The chair of Highland Council’s Climate Change Committee visited a touring exhibition by international award-winning photographer Mandy Barker today (24 October) to highlight the scourge of plastics in our seas.
Caithness Councillor Karl Rosie took the opportunity to check out Mandy’s thought-provoking and powerful ‘Our Plastic Ocean’ exhibition when it arrived at Thurso Library and Art Gallery this week (22nd October – 3rd December).
The exhibition addresses the current global crisis of marine plastic pollution and showcases Barker’s powerful and captivating photographic images, featuring debris she has collected from shorelines across the world.
Having recently taken over the chair of Highland Council’s first ever Climate Change Committee, Cllr Rosie was keen to highlight the issue of plastics around Highland’s coastlines and encourage people to do more to help protect the marine ecosystem.
“It is estimated that approximately eight million tons of plastic end up in the world’s oceans every year.
“I read recently, that if this trend continues until the year 2050, it could result in our oceans containing more plastic than fish!
“This is very much a global issue but one we are sadly not immune to here in Caithness and in other areas of Highland.
“Despite the warnings and high-profile campaigns by luminaries such as Sir David Attenborough, plastic is still being discarded in and around our coastlines and threatening our marine life.
“And the threat to marine life presents an inexorable threat to humans if we don’t take collective action now.”
The Climate Change Committee chair insisted the protection of our beaches and marine ecosystem is “everyone’s responsibility,” and suggested a number of ways people can help.
- Don’t litter, make sure your footprints are the only things you leave on the beach
- If you see litter near the coast pick it up and put it in a nearby bin or take it home and recycle it – it’s a small step, but if everyone did it, it would make a difference
- Volunteer to take part in a local beach clean. Check on social media or with local environmental groups/charities to identify opportunities
- Recycle and reuse all your waste, wherever possible
- Buy ethically and locally produced foods
- Avoid single use plastics (which are now outlawed in Scotland)
- Support environmentally friendly brands
Litter can have catastrophic consequences for marine life and plastic waste is extremely hazardous.
The chemicals in plastic can make an animal or fish very sick, or even kill it, if ingested.
Larger pieces of plastic can injure marine like dolphins or seal.
They can get tangled in discarded plastic, such as fishing nets and lines dumped in the ocean.
Plastic which holds soft drink cans together are particularly dangerous to sea life and birds as they may not be able to swim, fly, feed or even grow if plastic becomes wrapped around its body.
Cllr Rosie also highlighted some of the fantastic work being done by volunteer groups in Caithness to clean up the area’s coastlines and commented on the latest find on the beach at Dunnet.
A large hawser was found at Dunnet on 28 September 2022 and removed the following day.
It weighed 584lbs.
There was also 187lb of miscellaneous plastics removed on 29 September and another 101lbs item picked up the day before.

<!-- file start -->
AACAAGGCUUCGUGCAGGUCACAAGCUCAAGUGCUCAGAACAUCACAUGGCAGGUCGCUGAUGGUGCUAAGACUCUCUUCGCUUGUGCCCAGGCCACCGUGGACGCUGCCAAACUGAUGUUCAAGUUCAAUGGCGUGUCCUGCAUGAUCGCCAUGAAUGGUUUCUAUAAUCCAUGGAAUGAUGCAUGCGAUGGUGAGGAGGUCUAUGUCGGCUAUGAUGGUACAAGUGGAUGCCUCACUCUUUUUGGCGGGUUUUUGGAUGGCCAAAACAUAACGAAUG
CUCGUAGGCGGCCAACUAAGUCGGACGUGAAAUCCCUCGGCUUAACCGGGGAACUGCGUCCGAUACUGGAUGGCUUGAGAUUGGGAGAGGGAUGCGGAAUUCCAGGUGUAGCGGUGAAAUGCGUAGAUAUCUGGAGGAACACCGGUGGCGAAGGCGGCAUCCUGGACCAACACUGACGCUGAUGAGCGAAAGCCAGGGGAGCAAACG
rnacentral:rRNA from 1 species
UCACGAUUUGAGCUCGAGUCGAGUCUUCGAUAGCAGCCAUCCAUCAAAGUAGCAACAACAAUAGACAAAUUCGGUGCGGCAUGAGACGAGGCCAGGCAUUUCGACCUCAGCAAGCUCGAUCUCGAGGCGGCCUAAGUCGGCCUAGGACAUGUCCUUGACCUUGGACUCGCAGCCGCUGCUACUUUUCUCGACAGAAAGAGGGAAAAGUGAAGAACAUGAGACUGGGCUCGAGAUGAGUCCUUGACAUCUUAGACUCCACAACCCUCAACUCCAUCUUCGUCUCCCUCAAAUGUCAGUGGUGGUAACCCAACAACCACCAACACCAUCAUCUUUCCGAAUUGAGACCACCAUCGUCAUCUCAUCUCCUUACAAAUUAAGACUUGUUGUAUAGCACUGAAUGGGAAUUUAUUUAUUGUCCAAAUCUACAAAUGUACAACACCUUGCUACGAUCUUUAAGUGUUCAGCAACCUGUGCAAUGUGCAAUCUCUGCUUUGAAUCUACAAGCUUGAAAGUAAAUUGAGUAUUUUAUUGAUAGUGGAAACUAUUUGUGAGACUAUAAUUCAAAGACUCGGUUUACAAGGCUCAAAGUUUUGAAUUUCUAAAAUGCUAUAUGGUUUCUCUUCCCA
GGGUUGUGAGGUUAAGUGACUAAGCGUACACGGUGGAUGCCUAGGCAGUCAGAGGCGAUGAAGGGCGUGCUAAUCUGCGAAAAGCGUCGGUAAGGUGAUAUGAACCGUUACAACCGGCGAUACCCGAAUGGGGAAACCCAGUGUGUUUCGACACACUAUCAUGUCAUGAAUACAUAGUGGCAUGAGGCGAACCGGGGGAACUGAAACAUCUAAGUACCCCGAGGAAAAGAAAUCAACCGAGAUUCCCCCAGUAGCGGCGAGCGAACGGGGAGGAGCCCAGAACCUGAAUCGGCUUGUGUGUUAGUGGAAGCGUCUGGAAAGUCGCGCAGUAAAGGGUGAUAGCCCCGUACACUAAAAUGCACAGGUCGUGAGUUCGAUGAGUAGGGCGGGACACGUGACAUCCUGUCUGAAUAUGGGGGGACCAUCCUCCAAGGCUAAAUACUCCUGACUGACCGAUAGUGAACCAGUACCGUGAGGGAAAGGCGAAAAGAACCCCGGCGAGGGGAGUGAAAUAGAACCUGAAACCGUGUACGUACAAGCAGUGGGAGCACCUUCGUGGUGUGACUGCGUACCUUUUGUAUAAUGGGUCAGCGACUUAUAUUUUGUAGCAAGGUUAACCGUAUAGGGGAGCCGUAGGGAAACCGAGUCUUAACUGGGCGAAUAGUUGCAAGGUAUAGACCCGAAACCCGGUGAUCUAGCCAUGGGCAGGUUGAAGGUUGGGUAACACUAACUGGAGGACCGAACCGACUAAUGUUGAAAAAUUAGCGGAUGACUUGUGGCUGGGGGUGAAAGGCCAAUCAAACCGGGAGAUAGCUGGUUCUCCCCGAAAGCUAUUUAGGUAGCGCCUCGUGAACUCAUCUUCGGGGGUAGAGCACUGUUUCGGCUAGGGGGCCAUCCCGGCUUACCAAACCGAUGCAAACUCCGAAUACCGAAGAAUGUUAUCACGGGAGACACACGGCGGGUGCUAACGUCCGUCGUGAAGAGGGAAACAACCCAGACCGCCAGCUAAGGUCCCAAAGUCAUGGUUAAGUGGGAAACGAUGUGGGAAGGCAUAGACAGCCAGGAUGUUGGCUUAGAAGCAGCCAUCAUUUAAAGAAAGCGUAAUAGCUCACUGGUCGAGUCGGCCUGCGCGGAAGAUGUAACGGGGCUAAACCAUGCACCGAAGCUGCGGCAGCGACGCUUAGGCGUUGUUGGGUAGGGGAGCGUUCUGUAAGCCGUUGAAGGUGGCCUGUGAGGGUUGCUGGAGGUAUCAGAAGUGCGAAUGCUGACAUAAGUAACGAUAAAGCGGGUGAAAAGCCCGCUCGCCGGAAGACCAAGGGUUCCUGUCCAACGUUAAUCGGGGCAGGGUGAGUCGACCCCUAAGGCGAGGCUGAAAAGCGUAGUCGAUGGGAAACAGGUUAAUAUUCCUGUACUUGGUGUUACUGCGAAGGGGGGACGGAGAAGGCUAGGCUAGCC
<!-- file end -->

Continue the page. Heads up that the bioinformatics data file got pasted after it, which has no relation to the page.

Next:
Cllr Rosie said:
“It is extremely sad that people are throwing these things into our seas and not caring one bit about the affect it will have on our marine wildlife.
“I would urge anyone who witnesses this type of illegal dumping to contact either our Environmental Health Team, the Maritime & Coastguard Agency or Police Scotland and report it.
“Photos or videos of those you catch in the act would also help a great deal.”
Also attending the exhibition today was the founder of volunteer group Caithness Beach Cleans, Dorcas Sinclair and her husband Allan.
Since forming the group on 3 March 2019 Dorcas and their volunteers have collected nearly 45.89 long tonnes of plastic from beaches in Caithness alone.
The group has already collected 8.88 long tonnes this year alone.
“Over 95% of the plastics we recover (by weight) is fishing related.
“We recover creels, creel rope, creel dippings, other creel items, links, hooks, floats and fenders.
“The most annoying items are cuttings of ropes/nets when creels are put together.
“It’s not uncommon to find a bit of net rolled up, which is full of rope cuttings that have been thrown into the sea.”
“We also find plastic food bags, some of which have foreign markings, and which we can only assume are thrown overboard from boats.
“The same goes for the food containers we find.”
In the summer months the group sees a sharp increase in the number of discarded plastic bottles, food wrappers, disposable BBQs and strangely, men’s underpants.
“I can only guess that people are going swimming and then just leaving their wet underpants behind.”
A quarter of a ton of particularly dirty plastic was removed from Dunnet Beach in one weekend.
Dorcas said this was plastic which had likely been on the seabed for quite some time.
This coincided with dredging operations that were going on at Scrabster at that time.
Some of the more unusual things found by the Caithness Beach Cleans group include:
- 10 miles of pallet strapping all in a big bundle
- 1 kilometre of coaxial cable
- Bits of plastic seating benches
- Prosthetic limb covers – these came from containers which were lost at sea.
- At one beach on the east coast of Caithness, which is very difficult to get to, the group removed over 400 plastic bottles that had gathered over time and lots of plastic drums (used as floats by fishermen).